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    Worried demand outlook and Libya's increased production pressure, crude oil hit a new low in a week

    2019-02-08 05:07:11

    Financial sector website 

    Financial sector US stock news Beijing time on February 8th news, investors worried about the prospects of energy demand, while the dollar exchange rate rose and Libya may soon increase production news also brought pressure on the market, crude oil closed down sharply. At the same time, natural gas futures prices hit a two-year closing low as last week's inventory decline was lower than analysts' expectations.

    West Texas Light Crude Oil (WTI) futures for March delivery on the New York Mercantile Exchange fell $1.37 to close at $52.64 a barrel, down 2.5%. Based on the current month contract, WTI futures prices have fallen by 4.7% in the transactions so far this week. At the same time, the North Sea Brent crude oil futures for April delivery on the London ICE European Futures Exchange also fell $1.06 to close at $61.63 a barrel, down 1.7%.

    The US Energy Information Administration (EIA) released a report on Wednesday that US crude oil inventories increased by 1.3 million barrels in the week ended Feb. 1. In contrast, according to a survey by S&P Global Platts, analysts had expected an average increase of 3.7 million barrels of crude oil inventories this week, while the American Petroleum Institute (API) report on Tuesday showed an increase in crude oil inventories during the week. 2.5 million barrels. Crude oil inventories rose less than analysts expected, pushing oil prices to close on Wednesday.

    Following the rise on Wednesday, “oil prices have been sold off due to new risks, as the European Commission has significantly lowered its economic growth expectations for the Eurozone and its major economies in 2019 and 2020, further deepening global Anxiety of slowing growth.” An analyst at the Industrial Credit Investment Bank of India (ICICI) wrote in a research report released on Thursday.

    At the same time, traders have sold off risky assets, causing both European and US stock markets to show a downward trend. Since gold is a traditional safe haven asset, the rise in the stock market tends to push investors to sell gold.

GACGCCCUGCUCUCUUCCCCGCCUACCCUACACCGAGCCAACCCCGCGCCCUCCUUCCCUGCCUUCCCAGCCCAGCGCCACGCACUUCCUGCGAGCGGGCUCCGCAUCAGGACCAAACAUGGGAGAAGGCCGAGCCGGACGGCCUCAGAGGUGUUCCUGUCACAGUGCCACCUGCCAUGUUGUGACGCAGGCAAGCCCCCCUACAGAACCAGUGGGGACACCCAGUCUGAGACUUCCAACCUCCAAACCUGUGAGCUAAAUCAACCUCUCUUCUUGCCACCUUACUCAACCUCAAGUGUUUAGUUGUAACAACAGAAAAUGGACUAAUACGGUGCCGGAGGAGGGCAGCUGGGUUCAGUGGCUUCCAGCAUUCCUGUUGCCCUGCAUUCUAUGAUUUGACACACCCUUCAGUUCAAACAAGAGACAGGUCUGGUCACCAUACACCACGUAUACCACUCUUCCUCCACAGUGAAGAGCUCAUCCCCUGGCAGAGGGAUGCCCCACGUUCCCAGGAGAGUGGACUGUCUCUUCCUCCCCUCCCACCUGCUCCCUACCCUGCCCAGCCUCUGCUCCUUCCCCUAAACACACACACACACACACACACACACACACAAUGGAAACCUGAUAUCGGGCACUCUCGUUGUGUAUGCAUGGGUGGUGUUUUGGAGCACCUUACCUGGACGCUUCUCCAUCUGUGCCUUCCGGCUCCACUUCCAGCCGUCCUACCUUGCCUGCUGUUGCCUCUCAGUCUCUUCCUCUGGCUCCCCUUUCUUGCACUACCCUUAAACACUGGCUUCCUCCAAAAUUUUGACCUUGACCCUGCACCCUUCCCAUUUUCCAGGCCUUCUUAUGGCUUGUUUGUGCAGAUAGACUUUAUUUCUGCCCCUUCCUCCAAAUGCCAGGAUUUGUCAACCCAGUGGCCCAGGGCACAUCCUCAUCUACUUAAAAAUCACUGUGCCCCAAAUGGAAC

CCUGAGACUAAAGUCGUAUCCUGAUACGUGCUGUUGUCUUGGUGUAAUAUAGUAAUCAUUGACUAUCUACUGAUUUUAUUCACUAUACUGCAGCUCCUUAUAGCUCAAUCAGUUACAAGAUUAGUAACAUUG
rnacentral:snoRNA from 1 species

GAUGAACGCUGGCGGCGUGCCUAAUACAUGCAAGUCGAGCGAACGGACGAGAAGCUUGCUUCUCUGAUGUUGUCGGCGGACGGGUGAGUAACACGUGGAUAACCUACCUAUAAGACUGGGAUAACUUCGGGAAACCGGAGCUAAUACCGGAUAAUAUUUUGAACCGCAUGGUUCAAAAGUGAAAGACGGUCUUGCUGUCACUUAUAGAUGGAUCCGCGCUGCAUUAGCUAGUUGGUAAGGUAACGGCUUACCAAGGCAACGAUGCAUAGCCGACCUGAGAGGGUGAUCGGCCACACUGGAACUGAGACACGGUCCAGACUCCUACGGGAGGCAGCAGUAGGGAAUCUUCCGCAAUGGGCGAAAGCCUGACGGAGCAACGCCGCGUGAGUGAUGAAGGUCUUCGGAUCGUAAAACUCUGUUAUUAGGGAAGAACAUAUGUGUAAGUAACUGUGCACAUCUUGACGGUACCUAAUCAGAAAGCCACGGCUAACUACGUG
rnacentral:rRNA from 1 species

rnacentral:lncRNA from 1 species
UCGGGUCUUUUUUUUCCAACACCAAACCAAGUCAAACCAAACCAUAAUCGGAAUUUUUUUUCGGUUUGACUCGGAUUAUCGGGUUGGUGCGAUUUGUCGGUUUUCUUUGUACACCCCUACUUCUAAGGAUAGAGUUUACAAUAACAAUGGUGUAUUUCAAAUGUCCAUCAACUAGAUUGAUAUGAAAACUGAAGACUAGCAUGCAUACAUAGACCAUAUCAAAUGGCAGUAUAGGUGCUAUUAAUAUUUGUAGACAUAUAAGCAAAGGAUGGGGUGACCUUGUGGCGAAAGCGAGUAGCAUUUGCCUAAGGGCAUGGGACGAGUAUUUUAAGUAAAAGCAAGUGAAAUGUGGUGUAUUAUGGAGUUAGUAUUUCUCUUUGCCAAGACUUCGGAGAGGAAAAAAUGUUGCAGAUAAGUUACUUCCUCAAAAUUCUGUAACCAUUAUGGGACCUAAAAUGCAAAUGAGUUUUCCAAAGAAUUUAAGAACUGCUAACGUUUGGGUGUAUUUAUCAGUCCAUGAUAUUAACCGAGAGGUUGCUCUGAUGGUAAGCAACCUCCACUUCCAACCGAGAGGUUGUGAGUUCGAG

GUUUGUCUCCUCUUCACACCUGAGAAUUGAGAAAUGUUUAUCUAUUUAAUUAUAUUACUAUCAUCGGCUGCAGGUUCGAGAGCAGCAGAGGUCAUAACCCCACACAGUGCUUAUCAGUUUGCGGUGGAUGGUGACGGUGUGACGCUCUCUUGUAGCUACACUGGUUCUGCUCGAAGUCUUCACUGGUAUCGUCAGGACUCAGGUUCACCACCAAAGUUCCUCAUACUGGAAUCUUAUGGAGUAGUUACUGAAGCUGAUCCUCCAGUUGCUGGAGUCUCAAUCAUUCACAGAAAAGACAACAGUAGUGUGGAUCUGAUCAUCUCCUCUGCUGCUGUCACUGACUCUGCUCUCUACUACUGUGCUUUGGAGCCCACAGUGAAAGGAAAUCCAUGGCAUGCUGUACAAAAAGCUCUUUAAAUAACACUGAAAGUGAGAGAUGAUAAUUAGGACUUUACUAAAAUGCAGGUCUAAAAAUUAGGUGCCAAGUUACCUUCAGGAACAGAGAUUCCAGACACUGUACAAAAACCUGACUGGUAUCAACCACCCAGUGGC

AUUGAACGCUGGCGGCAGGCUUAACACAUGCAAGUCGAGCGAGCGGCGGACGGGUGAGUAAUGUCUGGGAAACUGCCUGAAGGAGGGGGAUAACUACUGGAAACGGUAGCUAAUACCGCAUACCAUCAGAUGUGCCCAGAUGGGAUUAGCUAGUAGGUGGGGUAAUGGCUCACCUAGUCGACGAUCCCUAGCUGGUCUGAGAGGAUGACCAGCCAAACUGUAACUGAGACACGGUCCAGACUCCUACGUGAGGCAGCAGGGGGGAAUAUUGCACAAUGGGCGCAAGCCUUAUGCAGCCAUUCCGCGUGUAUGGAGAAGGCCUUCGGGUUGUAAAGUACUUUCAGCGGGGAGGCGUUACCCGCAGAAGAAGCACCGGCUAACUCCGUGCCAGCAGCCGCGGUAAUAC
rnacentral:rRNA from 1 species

The Intercontinental Exchange (ICE) US dollar index, which tracks the exchange rate movements of the US dollar against the six major international currencies, rose 0.1% on Thursday and has risen 1% so far this week. According to statistics from financial information provider FactSet, the index is expected to rise for the sixth consecutive week. In general, rising dollar exchange rates will cause prices of dollar-denominated commodity futures such as gold and crude oil to fall, as the cost of buying these commodities by investors holding other currencies will become higher.

    In other energy deals on the New York Mercantile Exchange, RBOB gasoline futures for March delivery fell 2.3% to close at $1.426 a gallon; heating oil futures for March delivery fell 0.6% to close at 1.901 per gallon. US dollar; natural gas futures for March delivery fell sharply by 4.2% to close at $2.551 per million British thermal units. According to data provided by Dow Jones Market Data, on a monthly basis, this means that natural gas futures set the lowest closing price since August 11, 2016.

    The US Energy Information Administration announced in a report earlier Thursday that US natural gas inventories fell by 237 billion cubic feet (about 6.7 billion cubic meters) in the week ended Feb. 1, but this decline was lower than analysts had expected. The Standard & Poor's global Platts survey showed that analysts had expected an average of 249 billion cubic feet (about 7.1 billion cubic meters) of natural gas inventories this week.

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